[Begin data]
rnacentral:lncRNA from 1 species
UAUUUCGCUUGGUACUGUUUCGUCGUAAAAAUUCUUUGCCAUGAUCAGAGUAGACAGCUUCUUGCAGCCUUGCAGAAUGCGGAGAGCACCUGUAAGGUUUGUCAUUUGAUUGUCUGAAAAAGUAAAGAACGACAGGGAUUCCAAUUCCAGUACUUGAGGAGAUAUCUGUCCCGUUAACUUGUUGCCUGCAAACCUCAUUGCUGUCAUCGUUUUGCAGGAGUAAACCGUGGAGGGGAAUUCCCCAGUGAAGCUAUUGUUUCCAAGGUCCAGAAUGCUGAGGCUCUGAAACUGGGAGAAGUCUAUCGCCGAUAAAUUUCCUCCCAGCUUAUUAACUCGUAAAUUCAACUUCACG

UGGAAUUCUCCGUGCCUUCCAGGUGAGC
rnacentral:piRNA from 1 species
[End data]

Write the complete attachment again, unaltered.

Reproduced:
rnacentral:lncRNA from 1 species
UAUUUCGCUUGGUACUGUUUCGUCGUAAAAAUUCUUUGCCAUGAUCAGAGUAGACAGCUUCUUGCAGCCUUGCAGAAUGCGGAGAGCACCUGUAAGGUUUGUCAUUUGAUUGUCUGAAAAAGUAAAGAACGACAGGGAUUCCAAUUCCAGUACUUGAGGAGAUAUCUGUCCCGUUAACUUGUUGCCUGCAAACCUCAUUGCUGUCAUCGUUUUGCAGGAGUAAACCGUGGAGGGGAAUUCCCCAGUGAAGCUAUUGUUUCCAAGGUCCAGAAUGCUGAGGCUCUGAAACUGGGAGAAGUCUAUCGCCGAUAAAUUUCCUCCCAGCUUAUUAACUCGUAAAUUCAACUUCACG

UGGAAUUCUCCGUGCCUUCCAGGUGAGC
rnacentral:piRNA from 1 species